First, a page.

Gabriel, Africans, Femi discussed on PRI's The World

PRI's The World
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Automatic TRANSCRIPT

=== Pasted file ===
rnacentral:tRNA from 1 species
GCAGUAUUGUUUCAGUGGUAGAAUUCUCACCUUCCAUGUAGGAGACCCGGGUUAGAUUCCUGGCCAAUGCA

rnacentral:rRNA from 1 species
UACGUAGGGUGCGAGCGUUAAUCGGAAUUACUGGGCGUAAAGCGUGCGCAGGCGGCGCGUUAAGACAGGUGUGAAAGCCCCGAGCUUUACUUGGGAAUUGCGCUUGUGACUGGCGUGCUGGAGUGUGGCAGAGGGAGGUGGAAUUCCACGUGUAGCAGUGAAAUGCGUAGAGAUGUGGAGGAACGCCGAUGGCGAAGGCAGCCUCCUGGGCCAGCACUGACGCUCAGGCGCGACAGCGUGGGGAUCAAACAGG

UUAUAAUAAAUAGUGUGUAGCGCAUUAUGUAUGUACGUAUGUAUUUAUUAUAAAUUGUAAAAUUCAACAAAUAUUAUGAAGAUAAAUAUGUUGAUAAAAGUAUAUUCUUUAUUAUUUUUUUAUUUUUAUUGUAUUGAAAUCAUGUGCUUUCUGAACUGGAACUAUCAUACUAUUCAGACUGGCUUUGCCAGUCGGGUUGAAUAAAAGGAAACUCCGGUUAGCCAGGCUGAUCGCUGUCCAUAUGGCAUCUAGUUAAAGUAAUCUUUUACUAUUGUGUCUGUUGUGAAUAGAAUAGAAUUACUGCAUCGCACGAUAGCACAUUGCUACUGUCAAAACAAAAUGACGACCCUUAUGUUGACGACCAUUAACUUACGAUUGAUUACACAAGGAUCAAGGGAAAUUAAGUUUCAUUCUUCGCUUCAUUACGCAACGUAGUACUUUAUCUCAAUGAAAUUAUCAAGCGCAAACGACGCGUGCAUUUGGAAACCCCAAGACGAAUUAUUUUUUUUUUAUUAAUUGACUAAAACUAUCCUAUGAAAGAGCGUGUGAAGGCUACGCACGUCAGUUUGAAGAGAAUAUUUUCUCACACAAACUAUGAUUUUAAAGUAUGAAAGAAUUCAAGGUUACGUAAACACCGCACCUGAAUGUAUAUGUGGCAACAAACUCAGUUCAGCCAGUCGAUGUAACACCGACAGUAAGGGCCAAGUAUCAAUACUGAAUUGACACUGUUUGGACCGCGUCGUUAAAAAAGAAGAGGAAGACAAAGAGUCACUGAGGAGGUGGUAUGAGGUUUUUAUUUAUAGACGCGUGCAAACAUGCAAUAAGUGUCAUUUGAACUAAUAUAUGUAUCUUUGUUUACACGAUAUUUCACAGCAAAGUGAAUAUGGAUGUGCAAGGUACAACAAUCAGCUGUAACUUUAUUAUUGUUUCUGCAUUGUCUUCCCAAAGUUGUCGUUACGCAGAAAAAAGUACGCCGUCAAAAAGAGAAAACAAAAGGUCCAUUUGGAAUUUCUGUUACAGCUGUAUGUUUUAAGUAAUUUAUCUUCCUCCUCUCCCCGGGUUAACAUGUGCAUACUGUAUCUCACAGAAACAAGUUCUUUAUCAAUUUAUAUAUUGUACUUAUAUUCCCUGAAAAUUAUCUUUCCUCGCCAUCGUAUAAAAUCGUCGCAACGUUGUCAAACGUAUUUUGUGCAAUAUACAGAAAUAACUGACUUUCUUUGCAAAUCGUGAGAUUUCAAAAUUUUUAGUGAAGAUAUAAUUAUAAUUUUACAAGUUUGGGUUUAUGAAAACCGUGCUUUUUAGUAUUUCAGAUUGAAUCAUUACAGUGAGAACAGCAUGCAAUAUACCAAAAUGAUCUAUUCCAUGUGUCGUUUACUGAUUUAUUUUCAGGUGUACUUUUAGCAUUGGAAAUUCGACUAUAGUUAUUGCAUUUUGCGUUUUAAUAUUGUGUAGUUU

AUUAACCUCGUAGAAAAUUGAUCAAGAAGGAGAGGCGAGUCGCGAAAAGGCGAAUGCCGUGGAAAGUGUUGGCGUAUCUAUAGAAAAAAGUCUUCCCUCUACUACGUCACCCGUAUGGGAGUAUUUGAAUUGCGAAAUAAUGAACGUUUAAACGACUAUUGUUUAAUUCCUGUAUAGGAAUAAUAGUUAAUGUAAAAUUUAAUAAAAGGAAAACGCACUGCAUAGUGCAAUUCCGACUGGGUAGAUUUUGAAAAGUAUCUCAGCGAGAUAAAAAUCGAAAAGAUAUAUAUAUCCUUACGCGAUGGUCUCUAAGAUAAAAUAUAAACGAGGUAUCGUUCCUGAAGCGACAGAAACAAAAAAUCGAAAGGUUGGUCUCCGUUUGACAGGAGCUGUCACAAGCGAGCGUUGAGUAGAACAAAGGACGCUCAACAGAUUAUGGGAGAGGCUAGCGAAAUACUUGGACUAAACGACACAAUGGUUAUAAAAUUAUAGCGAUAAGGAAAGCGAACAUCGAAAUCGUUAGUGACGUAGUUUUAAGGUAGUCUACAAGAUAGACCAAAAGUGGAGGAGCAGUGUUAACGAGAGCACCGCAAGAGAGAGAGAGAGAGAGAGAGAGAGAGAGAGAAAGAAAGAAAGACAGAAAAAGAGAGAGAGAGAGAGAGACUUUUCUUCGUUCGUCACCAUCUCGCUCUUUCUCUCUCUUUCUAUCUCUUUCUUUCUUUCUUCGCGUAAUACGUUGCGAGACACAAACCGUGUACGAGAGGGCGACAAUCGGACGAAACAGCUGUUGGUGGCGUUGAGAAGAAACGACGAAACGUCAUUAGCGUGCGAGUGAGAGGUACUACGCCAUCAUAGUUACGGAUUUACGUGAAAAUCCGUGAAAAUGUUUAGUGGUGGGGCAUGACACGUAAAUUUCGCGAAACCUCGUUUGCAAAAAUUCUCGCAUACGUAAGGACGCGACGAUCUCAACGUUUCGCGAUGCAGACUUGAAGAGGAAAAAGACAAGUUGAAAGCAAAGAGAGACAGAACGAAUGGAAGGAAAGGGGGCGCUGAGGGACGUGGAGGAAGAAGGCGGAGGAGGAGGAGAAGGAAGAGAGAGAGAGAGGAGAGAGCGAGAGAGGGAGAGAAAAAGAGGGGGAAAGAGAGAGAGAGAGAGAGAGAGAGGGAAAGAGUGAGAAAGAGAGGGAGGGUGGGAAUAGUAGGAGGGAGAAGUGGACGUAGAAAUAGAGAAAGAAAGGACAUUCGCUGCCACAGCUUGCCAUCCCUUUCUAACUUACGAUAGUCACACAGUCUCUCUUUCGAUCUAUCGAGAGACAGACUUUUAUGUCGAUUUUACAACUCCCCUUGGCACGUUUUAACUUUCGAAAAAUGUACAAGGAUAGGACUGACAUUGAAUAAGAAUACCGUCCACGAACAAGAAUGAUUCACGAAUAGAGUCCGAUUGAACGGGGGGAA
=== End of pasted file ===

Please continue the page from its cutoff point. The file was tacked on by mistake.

Transatlantic slave trade twenty nine hundred marks four hundred years since the arrival of the first enslaved Africans in the American colonies, it's an important milestone that changed the world and it seen as the original sin the United States. We still don't know a lot about this. I and slave people and over the centuries it's not been African Americans who've been the gatekeepers of their own history. In today's story, the world's Rupa Shenoy looks at that. And at the forgotten people there he is I'm at the Ballantyne gallery in Richmond with activists free agam femi-, she showing the portrait that'll be unveiled later this year. Gabriel. She tells me was an enslaved man who tried to hold the governor of Virginia hostage in eighteen hundred to bargain for freedom for slaves. No one knows what he looked like egg femi- commissioned the painting, so interesting about this is that we use a pattern for his voice is based on his descendants. That's the closest they can get without any contemporary description of him. The only reason we know about Gabriel is because he broke the law in official history Gabriel's rebellion failed. Someone told his conspirators were discovered and they were hanged in agam Femi's version of history. Gabriel's a hero one of many from the time who've gone mostly on remembered, those are the narratives that were deliberately submerged those are the stories. Nobody wanted to tell those stories begin in the sixteen hundreds with the arrival of the first in slaved Africans in the English colonies. White Virginians used African slavery to rapidly expand the tobacco industry that quickly made Virginia. The most powerful colony in the new world enslaved people like Gabriel fought back and white Virginians created a system of laws to oppress them a system that other colonies than states used as a model. Nice to meet you. Nice to meet Karen Sheri's curator putting together a special exhibit on the history of slavery to Mark the arrival of the first enslaved Africans. She started the job in twenty seventeen just weeks after Charlottesville an hour and a half away those events have really crystallized for me. How much race is still an issue in American society, Sherry works for the Virginia museum of history and culture, the modern version of the Virginia historical society, the oldest of its kind in the country. Put it on. She shows me this pristine sheet of paper a letter to the governor dated sixteen ninety may it please your excellency. Whereas there was a rumor of an evil and desperate design contrived by the negroes..

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